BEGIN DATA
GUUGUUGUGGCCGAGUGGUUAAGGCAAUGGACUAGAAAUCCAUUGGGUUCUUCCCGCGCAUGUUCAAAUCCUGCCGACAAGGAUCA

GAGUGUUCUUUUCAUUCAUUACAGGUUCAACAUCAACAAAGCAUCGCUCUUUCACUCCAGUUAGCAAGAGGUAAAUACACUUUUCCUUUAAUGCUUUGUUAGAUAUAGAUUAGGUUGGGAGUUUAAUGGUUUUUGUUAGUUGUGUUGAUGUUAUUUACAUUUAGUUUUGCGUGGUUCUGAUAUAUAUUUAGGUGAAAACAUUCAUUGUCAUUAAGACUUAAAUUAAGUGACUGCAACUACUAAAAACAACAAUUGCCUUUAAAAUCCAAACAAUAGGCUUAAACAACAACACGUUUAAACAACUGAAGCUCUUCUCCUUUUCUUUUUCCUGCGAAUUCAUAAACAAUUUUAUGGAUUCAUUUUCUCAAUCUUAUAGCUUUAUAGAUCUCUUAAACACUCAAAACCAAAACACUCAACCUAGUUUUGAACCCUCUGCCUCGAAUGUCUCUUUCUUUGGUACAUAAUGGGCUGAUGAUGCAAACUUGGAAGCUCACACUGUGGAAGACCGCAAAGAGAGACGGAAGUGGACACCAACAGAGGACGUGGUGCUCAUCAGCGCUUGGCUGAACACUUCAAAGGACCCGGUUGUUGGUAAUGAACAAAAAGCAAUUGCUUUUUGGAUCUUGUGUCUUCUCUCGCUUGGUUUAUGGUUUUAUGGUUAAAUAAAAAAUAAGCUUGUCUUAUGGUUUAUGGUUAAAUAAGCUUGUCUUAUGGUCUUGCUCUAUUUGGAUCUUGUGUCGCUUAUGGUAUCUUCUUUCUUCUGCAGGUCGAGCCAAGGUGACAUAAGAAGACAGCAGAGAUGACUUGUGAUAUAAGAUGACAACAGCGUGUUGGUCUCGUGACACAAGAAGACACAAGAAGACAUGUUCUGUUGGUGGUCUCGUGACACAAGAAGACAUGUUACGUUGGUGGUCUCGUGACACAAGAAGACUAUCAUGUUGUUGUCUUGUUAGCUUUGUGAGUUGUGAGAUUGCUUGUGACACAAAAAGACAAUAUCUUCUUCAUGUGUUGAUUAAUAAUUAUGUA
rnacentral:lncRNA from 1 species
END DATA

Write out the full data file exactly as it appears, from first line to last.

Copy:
GUUGUUGUGGCCGAGUGGUUAAGGCAAUGGACUAGAAAUCCAUUGGGUUCUUCCCGCGCAUGUUCAAAUCCUGCCGACAAGGAUCA

GAGUGUUCUUUUCAUUCAUUACAGGUUCAACAUCAACAAAGCAUCGCUCUUUCACUCCAGUUAGCAAGAGGUAAAUACACUUUUCCUUUAAUGCUUUGUUAGAUAUAGAUUAGGUUGGGAGUUUAAUGGUUUUUGUUAGUUGUGUUGAUGUUAUUUACAUUUAGUUUUGCGUGGUUCUGAUAUAUAUUUAGGUGAAAACAUUCAUUGUCAUUAAGACUUAAAUUAAGUGACUGCAACUACUAAAAACAACAAUUGCCUUUAAAAUCCAAACAAUAGGCUUAAACAACAACACGUUUAAACAACUGAAGCUCUUCUCCUUUUCUUUUUCCUGCGAAUUCAUAAACAAUUUUAUGGAUUCAUUUUCUCAAUCUUAUAGCUUUAUAGAUCUCUUAAACACUCAAAACCAAAACACUCAACCUAGUUUUGAACCCUCUGCCUCGAAUGUCUCUUUCUUUGGUACAUAAUGGGCUGAUGAUGCAAACUUGGAAGCUCACACUGUGGAAGACCGCAAAGAGAGACGGAAGUGGACACCAACAGAGGACGUGGUGCUCAUCAGCGCUUGGCUGAACACUUCAAAGGACCCGGUUGUUGGUAAUGAACAAAAAGCAAUUGCUUUUUGGAUCUUGUGUCUUCUCUCGCUUGGUUUAUGGUUUUAUGGUUAAAUAAAAAAUAAGCUUGUCUUAUGGUUUAUGGUUAAAUAAGCUUGUCUUAUGGUCUUGCUCUAUUUGGAUCUUGUGUCGCUUAUGGUAUCUUCUUUCUUCUGCAGGUCGAGCCAAGGUGACAUAAGAAGACAGCAGAGAUGACUUGUGAUAUAAGAUGACAACAGCGUGUUGGUCUCGUGACACAAGAAGACACAAGAAGACAUGUUCUGUUGGUGGUCUCGUGACACAAGAAGACAUGUUACGUUGGUGGUCUCGUGACACAAGAAGACUAUCAUGUUGUUGUCUUGUUAGCUUUGUGAGUUGUGAGAUUGCUUGUGACACAAAAAGACAAUAUCUUCUUCAUGUGUUGAUUAAUAAUUAUGUA
rnacentral:lncRNA from 1 species